Wednesday, 12 September 2018
No cheers for Chequers
Poor Mrs May: trying to do the "right thing," yet 50 of her MPs plotting openly to remove her. But it wasn't a real plot: the leaders (Johnson, Rees Mogg, Davis) weren't there. Maybe just "flying a kite."
We Liberals are obviously disposed towards compromise becasue our devotion to proportional representation makes political compromises almost inevitable. Yet the Chequers proposal is a good example of how compromise can lead, not to the best, but the worst of both worlds.
There is a logic to Mrs May's position. She voted Remain, even campaigned for it, though not very wholeheartedly, and knows full well that Britain's cultural, social, economic and political interests are best served by being inside the EU. Yet in order to hold her party together she finds it necessary to "honour" the so-called "will of the British people" as expressed in the referendum, and leave it. "Brexit means Brexit."
So her rational position is to leave the EU but "align" ourselves as closely as possible with its rules so as to continue to reap as many as possible of the advantages of membership. That is what, in essence, the Chequers proposal amounts to.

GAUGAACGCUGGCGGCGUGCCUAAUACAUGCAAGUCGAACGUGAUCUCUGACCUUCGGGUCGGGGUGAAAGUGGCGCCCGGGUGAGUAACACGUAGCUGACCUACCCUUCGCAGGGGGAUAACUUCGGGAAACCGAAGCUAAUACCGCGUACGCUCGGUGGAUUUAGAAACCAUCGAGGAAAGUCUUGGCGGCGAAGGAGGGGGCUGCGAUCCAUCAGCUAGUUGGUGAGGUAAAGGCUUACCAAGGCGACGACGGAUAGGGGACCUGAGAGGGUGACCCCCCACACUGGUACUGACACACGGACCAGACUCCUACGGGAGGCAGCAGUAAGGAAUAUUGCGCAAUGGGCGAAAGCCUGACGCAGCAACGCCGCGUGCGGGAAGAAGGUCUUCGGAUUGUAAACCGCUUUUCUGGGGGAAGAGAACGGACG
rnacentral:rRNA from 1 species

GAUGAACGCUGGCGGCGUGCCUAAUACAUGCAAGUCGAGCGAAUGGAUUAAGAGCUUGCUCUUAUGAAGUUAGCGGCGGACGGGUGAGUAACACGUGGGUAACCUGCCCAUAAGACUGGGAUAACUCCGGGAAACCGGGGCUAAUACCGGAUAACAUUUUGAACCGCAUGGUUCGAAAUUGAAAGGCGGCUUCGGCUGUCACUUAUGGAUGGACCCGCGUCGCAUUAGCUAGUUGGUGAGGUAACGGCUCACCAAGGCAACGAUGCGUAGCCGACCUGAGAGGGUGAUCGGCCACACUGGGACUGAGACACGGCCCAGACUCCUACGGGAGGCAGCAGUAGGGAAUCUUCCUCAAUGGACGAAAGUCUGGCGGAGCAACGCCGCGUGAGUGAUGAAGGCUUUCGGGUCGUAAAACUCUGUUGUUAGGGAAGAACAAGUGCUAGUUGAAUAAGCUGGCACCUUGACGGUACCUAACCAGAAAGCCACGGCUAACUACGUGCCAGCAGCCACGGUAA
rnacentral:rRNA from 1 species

Sadly, this leaves the UK with the worst, rather than the best, of both worlds. We continue to observe the EU's rules but no longer have any say in making them. Nor are we any longer formally able to participate in contributing to the international political influence of this massively powerful body. At the same time we shall become economically weaker as firms with international clout move their headquarters and operations to remain within the EU rather than in what will become a political and economic outpost.
Even with the parliamentary Whips operating there are probably enough MPs to reject Chequers, or any similar deal. Ideal this would be followed by a free vote of al MPs as to whether to leave with no deal, which I suspect fewer than 100 MPs really support, or withdraw Article 50, apologise to the EU for wasting so much time, and Remain.
If MPs haven't the guts to do what they know to be the right thing, at the very least they could pass the buck to the people.